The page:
This is a richly flavoured soup spiced with yellow curry, cumin and coriander. Being a thick soup, makes it perfect as a main meal soup. It's lovely and thick and the warm spices make it just right for winter. Serve with a dollop of dairy free sour cream or coconut yoghurt on top. Traditionally, Mulligatawny soup is thickened with lentils or rice but as they may cause digestive issues in some people, I've used grated pumpkin and apple. You might also like to try my Creamy Chicken Mulligatawny Soup.
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Heat a large soup pot on medium heat. Add ghee, onion, carrots and celery, stir cooking for 5 minutes, don't allow to brown.
Add garlic, ginger, curry powder, cumin and coriander. (I use organic curry powder which is quite hot, commerial brands will be milder and need extra). Stir through vegetables and cook for a further 1 minute.
Push vegetables to the outer sides of the pot. Add beef mince to the centre of pot, breaking it up as you stir the mince. Cook for several minutes until the colour changes. Stir through the vegetables.
Add broth and passata to the pot, bring to a simmer and cook covered for 15 minutes.
Add the grated pumpkin and apple, salt and pepper. Simmer covered for a further 15 minutes or until vegetables are soft. Remove from heat.
Stir spinach leaves evenly through the soup (they will wilt quite quickly in the hot soup).
Serve in bowls topped with a dollop of dairy free sour cream or coconut yoghurt and a sprinkle of either freshly chopped coriander leaves or parsley.
Ghee is clarified butter, it is pure butter fat that has had the milk solids removed. You can get the flavour of butter in your cooking without the dairy (please don't consume if you have an allergy to ghee). My favourite brand is Organic Valley Purity Farms which I purchase online from iherb. It is also very easy to make yourself.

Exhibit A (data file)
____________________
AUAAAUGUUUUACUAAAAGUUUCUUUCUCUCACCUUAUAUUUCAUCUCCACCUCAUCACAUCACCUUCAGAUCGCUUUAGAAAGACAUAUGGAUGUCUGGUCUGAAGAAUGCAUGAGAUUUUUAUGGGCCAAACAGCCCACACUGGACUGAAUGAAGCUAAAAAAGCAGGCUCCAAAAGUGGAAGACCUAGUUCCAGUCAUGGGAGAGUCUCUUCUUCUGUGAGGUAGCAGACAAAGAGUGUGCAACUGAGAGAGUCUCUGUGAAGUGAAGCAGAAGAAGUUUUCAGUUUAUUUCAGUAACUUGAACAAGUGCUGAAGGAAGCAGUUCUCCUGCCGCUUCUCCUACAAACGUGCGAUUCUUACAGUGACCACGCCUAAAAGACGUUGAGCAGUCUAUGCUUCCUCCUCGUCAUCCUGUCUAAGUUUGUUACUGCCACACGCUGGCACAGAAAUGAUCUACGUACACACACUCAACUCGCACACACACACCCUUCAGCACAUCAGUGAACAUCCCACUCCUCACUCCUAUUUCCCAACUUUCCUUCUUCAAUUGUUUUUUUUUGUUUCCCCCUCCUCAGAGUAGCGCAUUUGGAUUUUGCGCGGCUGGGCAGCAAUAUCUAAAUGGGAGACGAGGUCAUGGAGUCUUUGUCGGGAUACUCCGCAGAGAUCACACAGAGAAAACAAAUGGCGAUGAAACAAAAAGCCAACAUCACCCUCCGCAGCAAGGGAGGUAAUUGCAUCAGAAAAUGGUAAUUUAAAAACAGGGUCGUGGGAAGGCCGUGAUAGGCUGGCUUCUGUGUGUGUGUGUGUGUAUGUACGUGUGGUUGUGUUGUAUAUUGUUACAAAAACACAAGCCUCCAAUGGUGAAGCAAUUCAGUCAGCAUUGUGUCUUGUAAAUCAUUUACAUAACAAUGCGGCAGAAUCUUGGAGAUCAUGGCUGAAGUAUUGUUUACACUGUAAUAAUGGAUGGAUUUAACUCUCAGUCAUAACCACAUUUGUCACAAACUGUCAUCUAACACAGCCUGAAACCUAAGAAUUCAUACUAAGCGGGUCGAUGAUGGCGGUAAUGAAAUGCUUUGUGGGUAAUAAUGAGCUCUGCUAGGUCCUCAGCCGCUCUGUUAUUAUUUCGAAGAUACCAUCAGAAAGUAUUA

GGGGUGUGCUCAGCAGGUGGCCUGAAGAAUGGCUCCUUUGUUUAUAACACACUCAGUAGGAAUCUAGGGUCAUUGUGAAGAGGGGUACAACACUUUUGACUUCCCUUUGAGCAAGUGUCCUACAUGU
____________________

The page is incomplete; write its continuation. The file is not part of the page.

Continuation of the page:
In my recipes when listing onion I am referring to a brown (also called yellow) onion. Onions are members of the allium plant family which also includes garlic, leeks, spring onions and shallots. Onions are valued more for the flavour they impart in cooking than for their nutritional content. Onions are know for their antibacterial effect helping to prevent superficial infections and their sulfur compounds may block carcinogens.
This crunchy orange vegetable is rich in beta-carotene, which is converted into vitamin A in the liver. They are good for the eyes and improve night vision. You get vitamin A and a host of other powerful health benefits from carrots, including cancer prevention, helps prevent infections and heart disease, protects teeth and gums and promotes healthier skin.
Both celery stalks and leaves can be used, whole stalks are eaten raw in salads or cooked to give flavour in stews and soups. Raw stalks with the leaves are excellent in your morning smoothie and give you a good dose of vitamin K, B and A, folate, riboflavin and more, plus celery contains several minerals.
Garlic is a close relative to the onion and has been used throughout history for both medicinal and culinary purposes. In most of my recipes I use minced garlic as I find it distributes better throughout the dish. When in a hurry I use organic minced garlic which I purchase in glass jars and store in the fridge. When garlic powder is needed for a particular recipe, I use 'Simply Organic' brand. Why is garlic so good for us? It is an immune booster, antibiotic, good for the heart, cancer fighter and it's also knew as a weight loss aid (appetite suppressant).
Ginger root is widely used as a spice but also for medicinal purposes. It is a hot spice which you will find in many commercial curry powders. It's often used to prevent motion sickness and nausea. Some studies have shown joint swelling in people suffering with arthritis experience less pain and swelling when taken daily. I like to use fresh minced ginger in my meals and dry ground ginger in baked goods.